Rene Girard: Violence and Mimesis
In recent years there has been a renewed interest in the work of Rene
Girard, thought by many to be one of the most important, if
controversial, cultural theorists of the twentieth century. Girard's
work is extraordinarily innovative and wide-ranging, cutting across
central concerns in philosophy, psychoanalysis, literary theory,
anthropology, theology, and sociology.
In this much-needed introduction, Chris Fleming traces the development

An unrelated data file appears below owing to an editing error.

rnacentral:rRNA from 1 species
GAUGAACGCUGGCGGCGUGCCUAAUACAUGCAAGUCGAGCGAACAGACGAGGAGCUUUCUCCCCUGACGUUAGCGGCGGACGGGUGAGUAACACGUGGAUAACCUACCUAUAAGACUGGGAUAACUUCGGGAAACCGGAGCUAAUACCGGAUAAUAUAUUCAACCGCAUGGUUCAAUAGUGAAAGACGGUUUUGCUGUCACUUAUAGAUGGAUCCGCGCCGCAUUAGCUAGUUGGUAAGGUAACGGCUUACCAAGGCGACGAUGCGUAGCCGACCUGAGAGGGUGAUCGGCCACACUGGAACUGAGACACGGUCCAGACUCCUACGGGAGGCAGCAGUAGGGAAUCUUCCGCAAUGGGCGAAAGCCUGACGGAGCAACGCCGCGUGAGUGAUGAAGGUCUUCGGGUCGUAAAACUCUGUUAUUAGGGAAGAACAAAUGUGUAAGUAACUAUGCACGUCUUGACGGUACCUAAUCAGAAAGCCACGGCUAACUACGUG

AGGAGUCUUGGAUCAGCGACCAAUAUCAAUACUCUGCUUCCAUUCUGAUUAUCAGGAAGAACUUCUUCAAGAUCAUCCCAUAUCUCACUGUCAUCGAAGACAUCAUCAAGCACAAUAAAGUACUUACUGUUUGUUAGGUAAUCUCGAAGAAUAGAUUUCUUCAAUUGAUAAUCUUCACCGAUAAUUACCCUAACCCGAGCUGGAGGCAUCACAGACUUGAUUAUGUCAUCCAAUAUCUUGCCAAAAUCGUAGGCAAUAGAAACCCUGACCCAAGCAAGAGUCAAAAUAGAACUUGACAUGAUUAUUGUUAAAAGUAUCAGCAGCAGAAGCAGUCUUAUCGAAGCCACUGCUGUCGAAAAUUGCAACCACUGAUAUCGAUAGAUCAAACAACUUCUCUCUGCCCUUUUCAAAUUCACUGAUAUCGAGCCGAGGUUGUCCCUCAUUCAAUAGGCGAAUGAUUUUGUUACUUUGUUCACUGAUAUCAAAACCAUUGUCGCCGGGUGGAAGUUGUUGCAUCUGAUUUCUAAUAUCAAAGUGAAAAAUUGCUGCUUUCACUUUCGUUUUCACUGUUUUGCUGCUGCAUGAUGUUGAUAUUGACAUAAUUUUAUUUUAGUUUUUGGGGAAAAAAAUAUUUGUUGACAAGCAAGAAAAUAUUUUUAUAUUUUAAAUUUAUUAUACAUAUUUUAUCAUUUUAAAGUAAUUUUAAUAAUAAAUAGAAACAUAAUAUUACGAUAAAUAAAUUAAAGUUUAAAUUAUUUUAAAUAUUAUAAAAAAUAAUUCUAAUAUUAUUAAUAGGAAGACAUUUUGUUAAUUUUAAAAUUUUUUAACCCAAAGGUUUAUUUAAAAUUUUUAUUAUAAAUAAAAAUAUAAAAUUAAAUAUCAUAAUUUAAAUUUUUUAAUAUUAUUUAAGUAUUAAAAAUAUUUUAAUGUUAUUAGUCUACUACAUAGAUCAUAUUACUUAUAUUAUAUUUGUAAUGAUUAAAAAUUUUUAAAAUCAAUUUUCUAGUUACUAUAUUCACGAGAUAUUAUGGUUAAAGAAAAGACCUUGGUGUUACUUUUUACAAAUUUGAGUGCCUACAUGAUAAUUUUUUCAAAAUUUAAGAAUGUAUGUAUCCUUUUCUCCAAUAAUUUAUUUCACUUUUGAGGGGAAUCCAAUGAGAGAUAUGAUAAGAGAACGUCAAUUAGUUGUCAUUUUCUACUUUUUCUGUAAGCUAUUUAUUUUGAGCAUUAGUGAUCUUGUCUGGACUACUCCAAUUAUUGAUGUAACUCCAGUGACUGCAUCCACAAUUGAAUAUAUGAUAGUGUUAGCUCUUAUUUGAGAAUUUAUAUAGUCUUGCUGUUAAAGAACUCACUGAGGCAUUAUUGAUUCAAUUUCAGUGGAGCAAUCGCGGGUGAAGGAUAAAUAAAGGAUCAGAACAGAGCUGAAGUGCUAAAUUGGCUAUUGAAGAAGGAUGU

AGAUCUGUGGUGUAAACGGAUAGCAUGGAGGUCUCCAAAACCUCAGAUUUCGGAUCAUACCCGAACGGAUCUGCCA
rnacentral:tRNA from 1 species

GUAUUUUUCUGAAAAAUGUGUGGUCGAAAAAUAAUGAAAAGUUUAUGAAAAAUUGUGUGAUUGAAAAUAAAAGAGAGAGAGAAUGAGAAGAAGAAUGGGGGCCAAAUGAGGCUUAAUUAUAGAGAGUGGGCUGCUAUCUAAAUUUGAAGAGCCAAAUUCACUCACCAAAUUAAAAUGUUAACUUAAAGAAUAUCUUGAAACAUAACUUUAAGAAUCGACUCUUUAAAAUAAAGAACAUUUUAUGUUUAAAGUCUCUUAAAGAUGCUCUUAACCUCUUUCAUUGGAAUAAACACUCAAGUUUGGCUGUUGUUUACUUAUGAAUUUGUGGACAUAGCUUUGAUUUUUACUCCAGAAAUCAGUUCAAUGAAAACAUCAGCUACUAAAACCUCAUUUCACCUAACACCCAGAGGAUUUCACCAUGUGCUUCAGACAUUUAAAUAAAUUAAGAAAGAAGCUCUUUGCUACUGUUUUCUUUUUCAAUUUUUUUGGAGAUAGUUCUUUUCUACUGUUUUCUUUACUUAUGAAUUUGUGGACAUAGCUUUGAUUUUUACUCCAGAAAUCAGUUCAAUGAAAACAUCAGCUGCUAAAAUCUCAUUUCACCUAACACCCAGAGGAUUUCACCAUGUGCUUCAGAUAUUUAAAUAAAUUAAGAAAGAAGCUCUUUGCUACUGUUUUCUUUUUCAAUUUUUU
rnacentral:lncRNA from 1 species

of Girard's thought over forty years, describing the context in which he
worked and his influence on a number of disciplines. He unpacks the
hypotheses at the centre of Girard's thought - mimetic desire, surrogate
victimage and scapegoating, myth, ritual, and the sacred - and provides
an assessment of Girard's place in the contemporary academy.
Comprehensive and clearly written, this book constitutes an excellent
overview of Girard's work and is essential reading for students and
researchers in continental philosophy, theology, literary studies, French studies,
and cultural studies.
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